C Tutorials

This section present some hand-on tutorials to the chemfiles C API. These examples do exaclty the same thing as the C++ ones, using the C API instead of the C++ API. As such, they are much more verbose. They also do not correclty check for error conditions. When using the C API, you should alway check that the return value of the functions is CHFL_SUCCESS.

All the code here is under the CC-0 Universal Licence which means that you are free to do whatever you want with it (i.e. it is Public Domain code)

Read a single frame

In this tutorials we will read a frame from a trajectory, and print the indexes of all the atom in the half-space x < 5.

We start by including the headers we need: chemfiles header, `stdio.h for printing and stdlib.h for malloc. All the public functions of chemfiles are accessible through the chemfiles.h header, which is the only header needed.

#include <chemfiles.h>
#include <stdio.h>
#include <stdlib.h>

Then we open a CHFL_TRAJECTORY in read ('r') and read the first frame. We need to allocate memory for the CHFL_FRAME before calling chfl_trajectory_read().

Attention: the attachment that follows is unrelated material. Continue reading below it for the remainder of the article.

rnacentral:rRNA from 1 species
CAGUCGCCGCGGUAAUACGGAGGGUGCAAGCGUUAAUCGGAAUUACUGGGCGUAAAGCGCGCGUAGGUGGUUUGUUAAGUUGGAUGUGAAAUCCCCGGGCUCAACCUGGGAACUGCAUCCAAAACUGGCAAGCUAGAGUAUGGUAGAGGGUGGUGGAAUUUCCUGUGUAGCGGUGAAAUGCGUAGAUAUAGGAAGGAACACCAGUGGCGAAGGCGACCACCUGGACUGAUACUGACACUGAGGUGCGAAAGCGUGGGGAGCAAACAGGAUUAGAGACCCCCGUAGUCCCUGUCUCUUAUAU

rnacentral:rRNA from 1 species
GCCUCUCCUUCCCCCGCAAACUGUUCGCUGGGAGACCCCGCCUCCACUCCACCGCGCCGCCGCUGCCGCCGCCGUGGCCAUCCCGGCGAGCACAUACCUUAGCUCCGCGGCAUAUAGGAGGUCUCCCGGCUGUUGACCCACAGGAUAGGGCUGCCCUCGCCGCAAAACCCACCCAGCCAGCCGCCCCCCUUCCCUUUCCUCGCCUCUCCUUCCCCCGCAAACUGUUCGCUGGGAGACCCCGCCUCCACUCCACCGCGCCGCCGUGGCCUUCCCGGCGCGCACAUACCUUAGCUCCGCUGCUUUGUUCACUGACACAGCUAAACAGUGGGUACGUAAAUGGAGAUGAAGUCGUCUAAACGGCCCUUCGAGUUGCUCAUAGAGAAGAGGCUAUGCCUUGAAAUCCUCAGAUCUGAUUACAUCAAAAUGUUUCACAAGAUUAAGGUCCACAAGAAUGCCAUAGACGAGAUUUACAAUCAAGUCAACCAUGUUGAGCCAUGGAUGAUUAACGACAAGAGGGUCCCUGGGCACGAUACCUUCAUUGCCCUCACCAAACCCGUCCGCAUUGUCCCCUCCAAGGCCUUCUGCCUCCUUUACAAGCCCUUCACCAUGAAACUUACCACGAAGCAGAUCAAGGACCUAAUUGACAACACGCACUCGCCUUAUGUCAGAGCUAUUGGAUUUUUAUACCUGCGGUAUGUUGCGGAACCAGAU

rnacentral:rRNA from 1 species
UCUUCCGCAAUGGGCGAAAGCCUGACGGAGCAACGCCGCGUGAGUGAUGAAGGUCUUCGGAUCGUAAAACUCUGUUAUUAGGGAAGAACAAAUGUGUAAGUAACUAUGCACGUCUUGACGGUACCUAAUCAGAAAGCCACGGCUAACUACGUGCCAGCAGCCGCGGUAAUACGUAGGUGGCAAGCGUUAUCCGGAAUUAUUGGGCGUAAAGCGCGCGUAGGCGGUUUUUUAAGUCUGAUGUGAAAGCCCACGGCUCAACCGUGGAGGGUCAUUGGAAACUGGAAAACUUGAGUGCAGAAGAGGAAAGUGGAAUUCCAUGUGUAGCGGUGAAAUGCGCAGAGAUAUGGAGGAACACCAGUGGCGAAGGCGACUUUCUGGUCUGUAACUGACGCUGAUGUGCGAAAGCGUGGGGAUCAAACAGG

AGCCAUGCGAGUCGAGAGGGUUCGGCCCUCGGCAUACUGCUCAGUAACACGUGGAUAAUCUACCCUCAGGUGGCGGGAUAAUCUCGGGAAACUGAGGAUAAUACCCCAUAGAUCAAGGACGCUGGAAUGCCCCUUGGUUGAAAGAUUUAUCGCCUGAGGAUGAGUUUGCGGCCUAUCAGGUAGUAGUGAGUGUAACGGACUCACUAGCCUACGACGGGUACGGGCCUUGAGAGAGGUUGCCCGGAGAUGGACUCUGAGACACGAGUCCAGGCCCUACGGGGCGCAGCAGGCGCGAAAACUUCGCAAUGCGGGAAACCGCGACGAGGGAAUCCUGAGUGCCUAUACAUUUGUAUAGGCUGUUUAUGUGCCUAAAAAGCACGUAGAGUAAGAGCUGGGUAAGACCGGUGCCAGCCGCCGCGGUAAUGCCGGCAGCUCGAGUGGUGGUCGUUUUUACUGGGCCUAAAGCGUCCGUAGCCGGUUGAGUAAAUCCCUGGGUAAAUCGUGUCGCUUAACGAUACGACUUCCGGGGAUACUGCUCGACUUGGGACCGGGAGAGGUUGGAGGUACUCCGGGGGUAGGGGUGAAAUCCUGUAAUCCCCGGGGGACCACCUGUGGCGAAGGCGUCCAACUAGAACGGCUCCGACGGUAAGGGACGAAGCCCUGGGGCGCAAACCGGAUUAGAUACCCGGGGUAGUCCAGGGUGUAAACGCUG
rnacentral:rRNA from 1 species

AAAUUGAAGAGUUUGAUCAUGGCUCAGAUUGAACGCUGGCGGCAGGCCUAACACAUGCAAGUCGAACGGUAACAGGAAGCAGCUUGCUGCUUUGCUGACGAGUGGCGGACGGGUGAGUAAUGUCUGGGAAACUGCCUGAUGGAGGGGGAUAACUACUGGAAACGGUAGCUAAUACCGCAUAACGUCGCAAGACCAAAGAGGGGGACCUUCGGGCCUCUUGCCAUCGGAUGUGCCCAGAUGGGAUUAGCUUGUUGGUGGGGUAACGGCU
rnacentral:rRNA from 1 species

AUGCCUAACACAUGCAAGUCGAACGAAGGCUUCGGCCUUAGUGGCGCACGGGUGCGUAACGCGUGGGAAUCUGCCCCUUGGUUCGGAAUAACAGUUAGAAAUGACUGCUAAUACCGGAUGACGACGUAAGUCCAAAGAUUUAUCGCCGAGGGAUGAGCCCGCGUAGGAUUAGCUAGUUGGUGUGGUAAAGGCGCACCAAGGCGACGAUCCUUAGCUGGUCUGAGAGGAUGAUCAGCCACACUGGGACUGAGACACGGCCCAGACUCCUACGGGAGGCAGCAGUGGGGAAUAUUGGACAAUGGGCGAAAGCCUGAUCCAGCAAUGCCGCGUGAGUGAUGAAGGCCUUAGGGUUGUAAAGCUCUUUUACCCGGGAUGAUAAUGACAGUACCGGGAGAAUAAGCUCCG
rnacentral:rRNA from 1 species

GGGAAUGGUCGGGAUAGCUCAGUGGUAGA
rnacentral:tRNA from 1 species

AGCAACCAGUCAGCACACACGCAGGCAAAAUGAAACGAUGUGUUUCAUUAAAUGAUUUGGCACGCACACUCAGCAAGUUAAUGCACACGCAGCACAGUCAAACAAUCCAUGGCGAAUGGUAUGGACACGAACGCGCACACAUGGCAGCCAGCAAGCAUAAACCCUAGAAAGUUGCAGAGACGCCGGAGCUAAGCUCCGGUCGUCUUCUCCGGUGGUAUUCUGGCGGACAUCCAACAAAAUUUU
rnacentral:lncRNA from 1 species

CHFL_TRAJECTORY* file = chfl_trajectory_open("filename.xyz", 'r');
CHFL_FRAME* frame = chfl_frame();
chfl_trajectory_read(file, frame);

We can now and get the positions of the atoms and the number of atoms in the frame with the chfl_frame_positions() function:

uint64_t natoms = 0;
chfl_vector3d* positions = NULL;
chfl_frame_positions(frame, &positions, &natoms);

Knowning the total number of atoms in the frame, we can allocate memory to store the indices of the atoms with x < 5:

size_t* less_than_five = malloc((size_t)natoms * sizeof(size_t));

Iterating through the atoms in the frame, we get the ones matching our condition. We need to track the number of matched atoms to know where to add them in the less_than_five array.

size_t matched = 0;
for (uint64_t i=0; i<natoms; i++) {
    if (positions[i][0] < 5) {
        less_than_five[matched] = (size_t)i;
        matched++;
    }
}